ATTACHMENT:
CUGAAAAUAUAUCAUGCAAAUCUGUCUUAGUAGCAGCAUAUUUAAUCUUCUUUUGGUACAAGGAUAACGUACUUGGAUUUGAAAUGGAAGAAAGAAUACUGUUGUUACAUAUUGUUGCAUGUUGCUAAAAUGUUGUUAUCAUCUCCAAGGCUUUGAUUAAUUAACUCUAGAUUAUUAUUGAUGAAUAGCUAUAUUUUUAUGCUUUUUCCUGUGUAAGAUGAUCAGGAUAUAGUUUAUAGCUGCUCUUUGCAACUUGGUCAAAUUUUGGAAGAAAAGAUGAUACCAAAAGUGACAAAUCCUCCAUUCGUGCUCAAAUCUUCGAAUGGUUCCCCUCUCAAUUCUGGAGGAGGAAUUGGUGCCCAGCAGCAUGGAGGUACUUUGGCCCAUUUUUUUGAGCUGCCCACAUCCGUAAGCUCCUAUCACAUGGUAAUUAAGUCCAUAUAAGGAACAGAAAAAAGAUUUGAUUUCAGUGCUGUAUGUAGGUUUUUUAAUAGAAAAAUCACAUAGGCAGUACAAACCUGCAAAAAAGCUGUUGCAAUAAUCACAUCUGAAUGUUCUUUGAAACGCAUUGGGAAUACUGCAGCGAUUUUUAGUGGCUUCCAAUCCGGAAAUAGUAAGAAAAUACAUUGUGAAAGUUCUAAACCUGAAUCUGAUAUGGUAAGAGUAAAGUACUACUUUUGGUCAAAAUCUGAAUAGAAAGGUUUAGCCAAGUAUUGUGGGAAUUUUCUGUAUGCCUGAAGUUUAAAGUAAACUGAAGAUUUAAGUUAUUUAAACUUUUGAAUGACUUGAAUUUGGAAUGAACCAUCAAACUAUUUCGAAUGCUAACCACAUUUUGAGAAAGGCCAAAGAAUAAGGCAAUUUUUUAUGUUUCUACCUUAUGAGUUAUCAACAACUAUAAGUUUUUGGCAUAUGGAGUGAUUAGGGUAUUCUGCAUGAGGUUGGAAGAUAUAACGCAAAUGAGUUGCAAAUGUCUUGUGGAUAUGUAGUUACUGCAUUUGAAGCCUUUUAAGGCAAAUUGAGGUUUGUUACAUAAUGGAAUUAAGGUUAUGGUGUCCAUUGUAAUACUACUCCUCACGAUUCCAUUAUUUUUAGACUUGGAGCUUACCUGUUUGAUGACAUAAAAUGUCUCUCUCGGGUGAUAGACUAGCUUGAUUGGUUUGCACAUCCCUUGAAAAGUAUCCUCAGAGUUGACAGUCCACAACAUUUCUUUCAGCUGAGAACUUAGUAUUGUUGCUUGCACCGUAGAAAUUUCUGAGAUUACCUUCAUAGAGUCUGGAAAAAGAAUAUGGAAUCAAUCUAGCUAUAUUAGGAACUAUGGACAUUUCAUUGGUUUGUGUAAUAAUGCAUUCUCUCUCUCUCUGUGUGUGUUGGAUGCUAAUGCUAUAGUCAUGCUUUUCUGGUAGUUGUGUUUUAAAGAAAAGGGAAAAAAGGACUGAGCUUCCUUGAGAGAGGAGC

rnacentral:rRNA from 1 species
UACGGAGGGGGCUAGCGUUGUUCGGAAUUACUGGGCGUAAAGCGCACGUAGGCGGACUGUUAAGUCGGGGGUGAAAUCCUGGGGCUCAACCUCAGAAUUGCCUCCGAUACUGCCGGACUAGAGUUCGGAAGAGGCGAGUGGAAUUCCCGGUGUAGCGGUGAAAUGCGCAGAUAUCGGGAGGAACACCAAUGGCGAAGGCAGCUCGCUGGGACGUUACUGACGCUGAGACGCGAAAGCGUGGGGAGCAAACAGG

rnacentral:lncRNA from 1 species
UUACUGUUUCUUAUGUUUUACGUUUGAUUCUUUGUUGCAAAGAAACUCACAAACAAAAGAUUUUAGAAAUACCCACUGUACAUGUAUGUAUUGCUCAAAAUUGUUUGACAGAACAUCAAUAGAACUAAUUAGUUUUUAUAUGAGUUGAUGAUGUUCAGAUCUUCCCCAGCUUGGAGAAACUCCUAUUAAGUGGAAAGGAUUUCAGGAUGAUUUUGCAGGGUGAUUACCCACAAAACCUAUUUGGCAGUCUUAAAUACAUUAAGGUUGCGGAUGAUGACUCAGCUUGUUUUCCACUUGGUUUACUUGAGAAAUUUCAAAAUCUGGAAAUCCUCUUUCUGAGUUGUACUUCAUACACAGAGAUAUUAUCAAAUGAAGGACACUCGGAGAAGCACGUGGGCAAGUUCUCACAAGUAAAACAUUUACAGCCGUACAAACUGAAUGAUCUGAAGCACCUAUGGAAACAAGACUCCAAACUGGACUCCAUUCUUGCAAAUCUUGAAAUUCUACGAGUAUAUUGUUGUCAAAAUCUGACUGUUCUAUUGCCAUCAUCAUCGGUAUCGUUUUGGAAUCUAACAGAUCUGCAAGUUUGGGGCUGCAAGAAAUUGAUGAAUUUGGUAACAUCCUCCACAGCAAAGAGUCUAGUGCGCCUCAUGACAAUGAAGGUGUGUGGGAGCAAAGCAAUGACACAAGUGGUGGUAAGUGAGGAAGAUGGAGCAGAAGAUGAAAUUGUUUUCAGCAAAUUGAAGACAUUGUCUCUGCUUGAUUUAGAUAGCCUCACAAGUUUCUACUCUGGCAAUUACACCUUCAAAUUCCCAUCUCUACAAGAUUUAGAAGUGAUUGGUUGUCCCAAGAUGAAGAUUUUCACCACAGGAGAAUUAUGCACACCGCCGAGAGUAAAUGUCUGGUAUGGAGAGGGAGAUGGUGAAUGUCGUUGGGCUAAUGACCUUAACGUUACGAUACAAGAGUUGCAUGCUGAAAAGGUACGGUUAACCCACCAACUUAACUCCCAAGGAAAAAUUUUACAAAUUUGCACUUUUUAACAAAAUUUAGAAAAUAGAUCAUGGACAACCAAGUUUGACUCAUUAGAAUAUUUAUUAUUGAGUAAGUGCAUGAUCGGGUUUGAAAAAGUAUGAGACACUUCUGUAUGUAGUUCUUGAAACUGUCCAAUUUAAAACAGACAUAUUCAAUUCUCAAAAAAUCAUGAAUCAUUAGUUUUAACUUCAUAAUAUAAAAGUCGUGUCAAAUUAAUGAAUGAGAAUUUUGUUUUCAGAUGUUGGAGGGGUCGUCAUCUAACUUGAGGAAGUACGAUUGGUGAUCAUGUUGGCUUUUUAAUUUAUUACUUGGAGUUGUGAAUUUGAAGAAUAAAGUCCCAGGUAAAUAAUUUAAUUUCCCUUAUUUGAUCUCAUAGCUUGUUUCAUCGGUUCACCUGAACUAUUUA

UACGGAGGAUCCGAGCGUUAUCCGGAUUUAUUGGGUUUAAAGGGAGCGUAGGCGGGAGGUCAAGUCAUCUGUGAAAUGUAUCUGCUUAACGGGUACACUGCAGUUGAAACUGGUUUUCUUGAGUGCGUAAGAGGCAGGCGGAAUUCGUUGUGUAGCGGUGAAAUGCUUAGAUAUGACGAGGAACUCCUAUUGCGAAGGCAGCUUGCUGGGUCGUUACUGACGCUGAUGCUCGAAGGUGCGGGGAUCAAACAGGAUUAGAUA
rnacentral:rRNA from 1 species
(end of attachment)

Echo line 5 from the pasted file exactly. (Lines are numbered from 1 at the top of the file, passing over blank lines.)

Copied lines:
UUACUGUUUCUUAUGUUUUACGUUUGAUUCUUUGUUGCAAAGAAACUCACAAACAAAAGAUUUUAGAAAUACCCACUGUACAUGUAUGUAUUGCUCAAAAUUGUUUGACAGAACAUCAAUAGAACUAAUUAGUUUUUAUAUGAGUUGAUGAUGUUCAGAUCUUCCCCAGCUUGGAGAAACUCCUAUUAAGUGGAAAGGAUUUCAGGAUGAUUUUGCAGGGUGAUUACCCACAAAACCUAUUUGGCAGUCUUAAAUACAUUAAGGUUGCGGAUGAUGACUCAGCUUGUUUUCCACUUGGUUUACUUGAGAAAUUUCAAAAUCUGGAAAUCCUCUUUCUGAGUUGUACUUCAUACACAGAGAUAUUAUCAAAUGAAGGACACUCGGAGAAGCACGUGGGCAAGUUCUCACAAGUAAAACAUUUACAGCCGUACAAACUGAAUGAUCUGAAGCACCUAUGGAAACAAGACUCCAAACUGGACUCCAUUCUUGCAAAUCUUGAAAUUCUACGAGUAUAUUGUUGUCAAAAUCUGACUGUUCUAUUGCCAUCAUCAUCGGUAUCGUUUUGGAAUCUAACAGAUCUGCAAGUUUGGGGCUGCAAGAAAUUGAUGAAUUUGGUAACAUCCUCCACAGCAAAGAGUCUAGUGCGCCUCAUGACAAUGAAGGUGUGUGGGAGCAAAGCAAUGACACAAGUGGUGGUAAGUGAGGAAGAUGGAGCAGAAGAUGAAAUUGUUUUCAGCAAAUUGAAGACAUUGUCUCUGCUUGAUUUAGAUAGCCUCACAAGUUUCUACUCUGGCAAUUACACCUUCAAAUUCCCAUCUCUACAAGAUUUAGAAGUGAUUGGUUGUCCCAAGAUGAAGAUUUUCACCACAGGAGAAUUAUGCACACCGCCGAGAGUAAAUGUCUGGUAUGGAGAGGGAGAUGGUGAAUGUCGUUGGGCUAAUGACCUUAACGUUACGAUACAAGAGUUGCAUGCUGAAAAGGUACGGUUAACCCACCAACUUAACUCCCAAGGAAAAAUUUUACAAAUUUGCACUUUUUAACAAAAUUUAGAAAAUAGAUCAUGGACAACCAAGUUUGACUCAUUAGAAUAUUUAUUAUUGAGUAAGUGCAUGAUCGGGUUUGAAAAAGUAUGAGACACUUCUGUAUGUAGUUCUUGAAACUGUCCAAUUUAAAACAGACAUAUUCAAUUCUCAAAAAAUCAUGAAUCAUUAGUUUUAACUUCAUAAUAUAAAAGUCGUGUCAAAUUAAUGAAUGAGAAUUUUGUUUUCAGAUGUUGGAGGGGUCGUCAUCUAACUUGAGGAAGUACGAUUGGUGAUCAUGUUGGCUUUUUAAUUUAUUACUUGGAGUUGUGAAUUUGAAGAAUAAAGUCCCAGGUAAAUAAUUUAAUUUCCCUUAUUUGAUCUCAUAGCUUGUUUCAUCGGUUCACCUGAACUAUUUA